Connie Ward is in seventh heaven when Gene Morrison's band rolls into town. She is swept off her feet by trumpeter Bill Abbot. After marrying him, she joins the bands tour and learns about ...
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When Phil Corey's band arrives at the Idaho ski resort its pianist Ted Scott is smitten with a Norwegian refugee he has sponsored, Karen Benson. When soloist Vivian Dawn quits, Karen stages an ice show as a substitute.
Broadway partners Vicky Lane and Dan Christy have a tiff over Christy's womanizing. Jealous Vicky takes up with her old flame and former dance partner, Victor Price, and Dan's career takes ... See full summary »
Nora and her uncle get railroaded into spending the night at a broken-down hotel in Canada. After Nora falls for the handsome owner, she convinces her uncle to invest in the inn and ... See full summary »
Connie Ward is in seventh heaven when Gene Morrison's band rolls into town. She is swept off her feet by trumpeter Bill Abbot. After marrying him, she joins the bands tour and learns about life as an orchestra wife, weathering the catty attacks of the other band wives. Written by
Steve Fenwick <email@example.com>
Now listen cutie-pie. I'm a big, bad trumpet player, and never in my life have I seen anything so gorgeous coming off a dance floor. I've seen thousands. I've kissed some of them, but not like I'm going to kiss you.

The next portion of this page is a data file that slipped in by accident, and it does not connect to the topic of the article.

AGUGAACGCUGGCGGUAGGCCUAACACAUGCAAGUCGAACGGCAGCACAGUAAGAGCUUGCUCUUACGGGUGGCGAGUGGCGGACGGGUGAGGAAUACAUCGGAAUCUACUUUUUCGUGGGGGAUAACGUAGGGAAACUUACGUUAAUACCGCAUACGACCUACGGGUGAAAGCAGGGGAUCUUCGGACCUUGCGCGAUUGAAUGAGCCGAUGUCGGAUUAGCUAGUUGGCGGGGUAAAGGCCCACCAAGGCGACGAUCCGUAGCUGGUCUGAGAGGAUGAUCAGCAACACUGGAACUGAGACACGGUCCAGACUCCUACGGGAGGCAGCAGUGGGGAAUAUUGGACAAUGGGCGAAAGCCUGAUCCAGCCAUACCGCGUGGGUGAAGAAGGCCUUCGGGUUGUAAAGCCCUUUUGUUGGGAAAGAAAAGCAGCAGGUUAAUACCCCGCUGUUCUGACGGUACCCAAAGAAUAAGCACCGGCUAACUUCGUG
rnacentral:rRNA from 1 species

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On the road and behind the scenes with Glenn Miller.
On Australian television, this movie has always been shown as the second half of a double bill, following 'Sun Valley Serenade'. It's a neat balancing act, the upbeat nature of 'Sun Valley Serenade' being brought back to earth by the semi-documentary flavour of 'Orchestra Wives'. The latter is a compelling movie and as another reviewer pointed out, it didn't do well in the USA. At a guess I'd put this down to the non-melodramatic but seemingly realistic performances - unusual at the time. Having been a fan of Ann Rutherford since enjoying her in the 'Andy Hardy' movies, I was struck by her excellent but out of character performance. Once again the Nicholas Brothers provide the most memorable scene but all in all, it's a fine screenplay with great production values.
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